The 2018 Baseball Hall of Fame Class Could Be Special
With Tim Raines, Jeff Bagwell and Ivan Rodriguez officially gaining entry into the National Baseball Hall of Fame this summer, we can officially start looking ahead at the 2018 class and what it could provide.
And by all indications, it could be really, really good.
On the Cusp
Guerrero has quite the career resume, as he hit .318/.379/.533 with 449 home runs, a 136 wRC+ and finished with a 59.3 bWAR. And even though he built a reputation of being a free-swinger, he struck out just 10.9% of the time.
While he posted just a -25 DRS for his career (although it only dates back to 2003 and Guerrero debuted in 1996), it's hard to solely judge him on defensive metrics. After all, he did have one of the strongest arms in baseball.
However, Hoffman is a different case. Despite having 601 saves to his name, some don't believe closers belong in the Hall, and some only believe Mariano Rivera does. Still, a number of relievers have already gained entry -- hurlers such as Hoyt Wilhelm, Rollie Fingers, Dennis Eckersley, Bruce Sutter and Goose Gossage -- so denying the man with the second-most saves in MLB history is a tough sell.
Outside of the saves conversation, he was also a pretty good pitcher overall.
He produced a sub-100 ERA+ only twice: once in 1993 and not again until 2010, his final season. He also only produced a FIP- over 100 twice (1995 and 2010) and his xFIP- crept over 100 once since its inception in 2002 (that happened in 2010).
Hoffman was no Mariano Rivera, but he was an elite closer and deserves to be remembered in Cooperstown.
Chipper Jones is as big of a lock for the Hall of Fame as this generation has seen.
While spending his entire career with the Atlanta Braves, the third baseman hit .303/.401/.529 with 468 home runs, a 141 wRC+ and a 85.0 bWAR. It's also impressive to note that he drew walks more often (14.2%) during his career than he struck out (13.3%).
The lowest wRC+ he ever posted in a single season was 116, and comparing him to the below legends solidifies the fact that he belongs in Cooperstown (don't forget that he was a switch-hitter, too!).
This player comparison makes his already impressive career even more impressive.
Jim Thome is another lock, although he is not mentioned as much as he should be. He has a career triple slash of .276/.402/.554 with 612 home runs, a .278 ISO, a 145 wRC+ and a 72.9 bWAR. Those 612 home runs rank seventh all-time, and there was never a peep about him taking any kind of performance-enhancing drugs.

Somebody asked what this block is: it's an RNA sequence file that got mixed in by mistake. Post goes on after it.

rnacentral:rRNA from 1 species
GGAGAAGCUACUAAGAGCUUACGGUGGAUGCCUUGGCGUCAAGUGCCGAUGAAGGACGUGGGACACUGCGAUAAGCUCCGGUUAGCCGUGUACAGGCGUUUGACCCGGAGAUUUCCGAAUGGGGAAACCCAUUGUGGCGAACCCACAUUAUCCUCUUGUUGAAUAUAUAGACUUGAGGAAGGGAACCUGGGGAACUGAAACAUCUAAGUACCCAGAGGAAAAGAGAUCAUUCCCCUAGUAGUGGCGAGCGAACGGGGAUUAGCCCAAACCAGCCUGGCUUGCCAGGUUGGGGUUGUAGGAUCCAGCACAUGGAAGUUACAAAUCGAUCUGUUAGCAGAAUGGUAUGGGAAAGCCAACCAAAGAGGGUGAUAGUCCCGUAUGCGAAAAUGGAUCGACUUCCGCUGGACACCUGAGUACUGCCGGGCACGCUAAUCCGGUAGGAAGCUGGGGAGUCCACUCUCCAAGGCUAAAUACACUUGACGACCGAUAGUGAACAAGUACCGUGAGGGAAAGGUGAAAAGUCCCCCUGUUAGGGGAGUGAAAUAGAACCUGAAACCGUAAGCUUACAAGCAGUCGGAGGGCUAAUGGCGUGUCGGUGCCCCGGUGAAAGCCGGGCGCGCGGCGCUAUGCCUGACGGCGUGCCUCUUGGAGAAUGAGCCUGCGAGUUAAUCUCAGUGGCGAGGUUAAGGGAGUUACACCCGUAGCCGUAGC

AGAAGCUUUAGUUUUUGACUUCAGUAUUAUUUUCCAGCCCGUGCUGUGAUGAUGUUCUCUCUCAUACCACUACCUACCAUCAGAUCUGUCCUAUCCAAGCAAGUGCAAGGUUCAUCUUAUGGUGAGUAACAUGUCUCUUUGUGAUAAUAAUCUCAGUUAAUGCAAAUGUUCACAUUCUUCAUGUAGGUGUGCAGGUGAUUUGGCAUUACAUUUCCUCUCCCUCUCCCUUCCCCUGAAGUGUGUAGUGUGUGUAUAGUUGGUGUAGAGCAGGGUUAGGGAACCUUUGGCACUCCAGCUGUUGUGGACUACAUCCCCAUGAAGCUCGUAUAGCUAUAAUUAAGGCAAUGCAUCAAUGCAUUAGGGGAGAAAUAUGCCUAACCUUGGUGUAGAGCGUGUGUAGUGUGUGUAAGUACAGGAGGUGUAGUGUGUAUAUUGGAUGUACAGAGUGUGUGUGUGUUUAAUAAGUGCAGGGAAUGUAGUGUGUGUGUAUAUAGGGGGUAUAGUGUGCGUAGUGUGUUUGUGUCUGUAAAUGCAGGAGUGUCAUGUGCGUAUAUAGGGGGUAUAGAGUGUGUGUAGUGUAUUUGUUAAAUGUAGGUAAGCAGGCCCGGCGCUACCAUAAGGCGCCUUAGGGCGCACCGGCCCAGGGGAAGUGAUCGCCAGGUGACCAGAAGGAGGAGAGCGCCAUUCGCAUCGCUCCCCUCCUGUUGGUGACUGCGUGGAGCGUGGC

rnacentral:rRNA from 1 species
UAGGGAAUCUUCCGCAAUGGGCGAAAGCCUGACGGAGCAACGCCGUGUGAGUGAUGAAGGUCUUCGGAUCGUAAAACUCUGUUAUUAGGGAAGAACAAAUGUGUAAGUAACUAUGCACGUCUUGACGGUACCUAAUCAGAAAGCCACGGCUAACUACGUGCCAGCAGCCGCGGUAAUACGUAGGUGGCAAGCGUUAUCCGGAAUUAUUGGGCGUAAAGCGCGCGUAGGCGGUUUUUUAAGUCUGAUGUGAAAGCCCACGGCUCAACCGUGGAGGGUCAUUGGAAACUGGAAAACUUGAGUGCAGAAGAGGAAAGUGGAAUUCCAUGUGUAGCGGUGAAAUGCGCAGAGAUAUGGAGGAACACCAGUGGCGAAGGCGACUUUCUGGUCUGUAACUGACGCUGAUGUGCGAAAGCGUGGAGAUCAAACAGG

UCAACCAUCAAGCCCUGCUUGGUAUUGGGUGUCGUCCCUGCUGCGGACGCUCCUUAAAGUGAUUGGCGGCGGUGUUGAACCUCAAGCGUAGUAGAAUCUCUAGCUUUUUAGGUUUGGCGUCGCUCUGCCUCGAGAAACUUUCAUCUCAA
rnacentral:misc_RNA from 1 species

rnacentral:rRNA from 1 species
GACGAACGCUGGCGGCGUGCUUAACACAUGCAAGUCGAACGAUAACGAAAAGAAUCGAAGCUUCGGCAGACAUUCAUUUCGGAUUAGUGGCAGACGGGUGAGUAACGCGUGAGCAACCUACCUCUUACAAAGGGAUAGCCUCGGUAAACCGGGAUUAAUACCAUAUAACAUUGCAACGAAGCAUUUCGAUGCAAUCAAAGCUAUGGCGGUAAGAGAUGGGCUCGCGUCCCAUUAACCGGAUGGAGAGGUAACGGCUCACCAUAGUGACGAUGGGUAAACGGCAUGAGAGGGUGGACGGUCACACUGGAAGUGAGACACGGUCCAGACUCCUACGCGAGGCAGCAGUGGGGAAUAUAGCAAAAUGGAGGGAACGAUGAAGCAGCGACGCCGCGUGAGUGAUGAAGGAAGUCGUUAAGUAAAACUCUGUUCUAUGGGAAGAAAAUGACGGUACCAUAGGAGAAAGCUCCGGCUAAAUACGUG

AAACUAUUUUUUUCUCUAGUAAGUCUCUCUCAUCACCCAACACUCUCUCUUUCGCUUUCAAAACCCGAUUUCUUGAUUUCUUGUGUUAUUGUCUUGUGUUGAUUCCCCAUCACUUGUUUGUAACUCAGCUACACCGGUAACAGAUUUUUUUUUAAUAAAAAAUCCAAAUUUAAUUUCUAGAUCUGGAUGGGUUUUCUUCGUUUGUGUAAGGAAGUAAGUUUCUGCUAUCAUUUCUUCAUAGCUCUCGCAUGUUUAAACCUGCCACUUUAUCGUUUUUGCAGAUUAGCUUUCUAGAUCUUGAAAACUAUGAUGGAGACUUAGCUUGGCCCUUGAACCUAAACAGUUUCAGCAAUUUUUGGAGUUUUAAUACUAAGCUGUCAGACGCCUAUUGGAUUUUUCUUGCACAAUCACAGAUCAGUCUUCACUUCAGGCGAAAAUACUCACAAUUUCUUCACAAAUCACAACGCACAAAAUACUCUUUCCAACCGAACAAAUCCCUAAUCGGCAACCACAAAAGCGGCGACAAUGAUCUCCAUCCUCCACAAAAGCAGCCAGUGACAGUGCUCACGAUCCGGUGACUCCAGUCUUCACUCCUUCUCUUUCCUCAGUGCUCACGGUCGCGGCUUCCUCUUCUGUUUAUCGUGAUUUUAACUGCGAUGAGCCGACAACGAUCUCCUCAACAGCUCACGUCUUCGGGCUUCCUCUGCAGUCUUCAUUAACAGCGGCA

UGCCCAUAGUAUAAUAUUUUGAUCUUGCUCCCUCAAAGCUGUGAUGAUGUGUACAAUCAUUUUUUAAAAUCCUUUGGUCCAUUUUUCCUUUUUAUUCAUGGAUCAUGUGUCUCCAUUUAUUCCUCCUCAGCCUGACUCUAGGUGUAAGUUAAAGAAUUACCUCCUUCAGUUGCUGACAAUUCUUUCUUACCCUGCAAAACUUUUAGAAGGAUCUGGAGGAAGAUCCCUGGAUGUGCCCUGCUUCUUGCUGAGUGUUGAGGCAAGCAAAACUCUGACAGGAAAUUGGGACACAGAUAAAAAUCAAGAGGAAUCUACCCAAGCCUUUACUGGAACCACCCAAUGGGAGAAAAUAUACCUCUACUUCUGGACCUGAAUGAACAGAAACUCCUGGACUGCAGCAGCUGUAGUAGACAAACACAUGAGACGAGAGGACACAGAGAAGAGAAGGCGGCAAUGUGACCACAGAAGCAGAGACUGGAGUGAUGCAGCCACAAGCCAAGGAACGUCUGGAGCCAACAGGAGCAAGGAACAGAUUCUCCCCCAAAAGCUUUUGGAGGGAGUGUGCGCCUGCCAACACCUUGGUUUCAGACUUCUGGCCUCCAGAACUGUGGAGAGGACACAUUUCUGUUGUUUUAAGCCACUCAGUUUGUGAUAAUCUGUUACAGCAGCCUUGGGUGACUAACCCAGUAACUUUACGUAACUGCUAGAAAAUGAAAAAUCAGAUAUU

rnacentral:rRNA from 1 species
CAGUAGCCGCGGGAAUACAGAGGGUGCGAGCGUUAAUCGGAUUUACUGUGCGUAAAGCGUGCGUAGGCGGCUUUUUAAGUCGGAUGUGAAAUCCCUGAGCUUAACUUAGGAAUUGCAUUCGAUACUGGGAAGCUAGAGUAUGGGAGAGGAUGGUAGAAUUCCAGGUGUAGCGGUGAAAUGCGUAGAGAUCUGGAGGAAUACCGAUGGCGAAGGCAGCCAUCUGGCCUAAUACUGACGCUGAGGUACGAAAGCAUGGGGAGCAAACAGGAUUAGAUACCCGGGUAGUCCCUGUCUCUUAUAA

His collection of dingers are currently the most among all first basemen, which is incredible considering the position's reputation for elite power.
While Thome did spend 818 games as a designated hitter, he won't join Edgar Martinez in that category on the ballot, which has been a point of contention among voters. The former Cleveland Indians and Philadelphia Phillies star spent the majority of his career out in the field (1,106 games at first base, 493 at third base).
When one thinks of Andruw Jones, they think of his countless web gems he seemingly produced on a nightly basis.
One of the best defensive center fielders in MLB history, Jones won 10 straight Gold Glove awards from 1998-2007. But what is not talked about from his 10-year run of dominance in with the glove was how good he was offensively.
Those 345 homers were the most among center fielders during this time, while that 115 wRC+ ranked seventh. So, he was the very definition of a complete player.
The problem for him is the numbers he produced following this dominant run. He bounced from the Los Angeles Dodgers, Texas Rangers, Chicago White Sox and New York Yankees from 2008-12 and turned into an all-or-nothing hitter to go with sub-par defense (for his standards).
Despite starting his decline at the age of 31, he still had an elite 10-year run on both offense and defense that's unmatched. His full body of work, which includes a .254/.337/.486 line with 434 home runs, 111 wRC+ and a 62.8 bWAR to go along with unparalleled dominance in center deserves to eventually be enshrined -- even if 2018 isn't the year.
Scott Rolen has a similar case to the guy we just talked about -- his elite defense is his biggest positive. Rolen was an eight-time Gold Glove winner at third base, but unlike Jones, he was still an elite defender at the end of his career, winning his last Gold Glove at 35 years old.
The only two men at the hot corner who have more of these awards than Rolen are Brooks Robinson (16) and Mike Schmidt (10), who are both Hall of Famers.
He was also an accomplished hitter, posting a .281/.364/.490 line. The 316 homers he slugged is tied for 19th among all third baseman in MLB history, while his 122 wRC+ is tied for 36th-best with Hall of Famer Paul Molitor (although he saw time at plenty of other positions).
The 70.0 bWAR he produced during his 17-year big league career is perhaps the best measuring stick since it's above the average bWAR for a third baseman in the Hall of Fame.
Don't Forget About the Other Guys
On top of the players mentioned above, there are plenty of others who have interesting cases for being enshrined in Cooperstown, but haven't gained entry yet for one reason or another. Some of these players include Martinez, Mike Mussina, Fred McGriff, Billy Wagner, Barry Bonds and Roger Clemens.
With the first-ballot members becoming eligible and the holdovers from 2017, the 2018 Baseball Hall of Fame class has the potential to be really special -- now we'll just have to wait and see who the BBWAA writers see as being worthy of such a prestigious honor.